Cuban dominos, a photo by Michele Edelson, documents the history of Miami.
TARPON SPRINGS - Tarpon Springs Center for Gulf Coast Folklife announces the opening of Latin American Folk Culture in Florida on Friday, Sept. 20. The exhibit runs through Nov. 30 in the Folklife Gallery.
The exhibition begins with a reception on Friday from 6:30 to 8 p.m. that includes a performance by Trio Amistad Huasteco from Clearwater.
Gallery hours are Monday through Friday 9 a.m. to 4 p.m. Admission is free.
Florida has had strong continuous connections with Latin America since colonial times. According to the 2010 census, the state's Latino population was 4.2 million or 22.5 percent — the state’s largest minority group. Cubans were the most numerous (1.2 million), followed by Puerto Ricans (828,000) and Mexicans (610,000). The U.S. Hispanic Chamber of Commerce notes that Florida has the most diverse Latin American population of any state.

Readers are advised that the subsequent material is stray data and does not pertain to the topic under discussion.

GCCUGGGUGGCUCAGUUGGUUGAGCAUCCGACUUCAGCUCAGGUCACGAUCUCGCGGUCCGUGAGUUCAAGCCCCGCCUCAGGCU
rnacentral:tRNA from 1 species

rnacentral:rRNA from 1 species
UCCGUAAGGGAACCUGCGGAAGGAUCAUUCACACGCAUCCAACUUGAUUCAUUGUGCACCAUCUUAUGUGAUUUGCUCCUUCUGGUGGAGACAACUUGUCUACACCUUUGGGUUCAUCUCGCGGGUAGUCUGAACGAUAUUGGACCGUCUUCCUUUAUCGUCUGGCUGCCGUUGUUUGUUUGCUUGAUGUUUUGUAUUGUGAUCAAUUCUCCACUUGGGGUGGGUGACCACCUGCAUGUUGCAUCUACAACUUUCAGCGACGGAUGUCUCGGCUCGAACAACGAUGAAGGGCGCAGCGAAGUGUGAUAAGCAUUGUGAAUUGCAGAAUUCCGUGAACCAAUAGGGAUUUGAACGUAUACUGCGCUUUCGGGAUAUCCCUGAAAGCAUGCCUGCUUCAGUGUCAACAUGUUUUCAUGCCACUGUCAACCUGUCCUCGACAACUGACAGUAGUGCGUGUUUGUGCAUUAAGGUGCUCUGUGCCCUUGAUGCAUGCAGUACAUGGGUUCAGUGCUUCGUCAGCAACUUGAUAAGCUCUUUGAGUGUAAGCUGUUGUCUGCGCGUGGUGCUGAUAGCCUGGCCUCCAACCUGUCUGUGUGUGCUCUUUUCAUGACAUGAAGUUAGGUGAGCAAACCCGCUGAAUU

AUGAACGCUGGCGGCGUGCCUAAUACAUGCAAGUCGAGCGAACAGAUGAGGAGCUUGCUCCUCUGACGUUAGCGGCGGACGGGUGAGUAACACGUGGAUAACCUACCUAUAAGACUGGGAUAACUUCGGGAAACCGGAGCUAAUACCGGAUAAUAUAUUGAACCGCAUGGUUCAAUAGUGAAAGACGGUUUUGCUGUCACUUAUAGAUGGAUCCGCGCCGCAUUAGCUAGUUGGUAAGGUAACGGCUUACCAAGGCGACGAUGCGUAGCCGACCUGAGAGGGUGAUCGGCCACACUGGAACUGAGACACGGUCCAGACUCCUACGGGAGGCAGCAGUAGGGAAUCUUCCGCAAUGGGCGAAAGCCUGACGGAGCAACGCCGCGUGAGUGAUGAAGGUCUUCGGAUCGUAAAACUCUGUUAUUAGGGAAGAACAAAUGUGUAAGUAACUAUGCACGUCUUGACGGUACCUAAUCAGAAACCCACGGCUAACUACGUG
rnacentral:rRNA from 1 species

As a prelude to the exhibit, a panel of scholars will share their fascinating insights into Latin American history and culture in Florida at a “brown bag” event on Sept. 20 at the Cultural Center. Bring your lunch and hear speakers Dr. Gary Mormino (USF) on Ybor City, Dr. Ella Schmidt (USF) about Mexicans in Florida and especially Clearwater, and Dr. Jose B. Fernandez (UCF) regarding Latin American influence from the Spanish colonial period to the present. Event is free.
The city of Tarpon Springs’ Center for Gulf Coast Folklife, 101 S. Pinellas Ave., focuses on local, Gulf Coast region and Florida folklife through exhibits, festivals, performances, workshops, and other programming founded on ethnographic research. Its mission is to identify, document, present, and preserve our unique traditional culture. The Center is curated by Dr. Tina Bucuvalas, Curator of Arts and Historical Resources for the city.
Call 942-5605 for more information. The Center for Gulf Coast Folklife and the exhibition are funded in part with grants from the National Endowment for the Arts’ Folk & Traditional Arts Program and the Florida Humanities Council.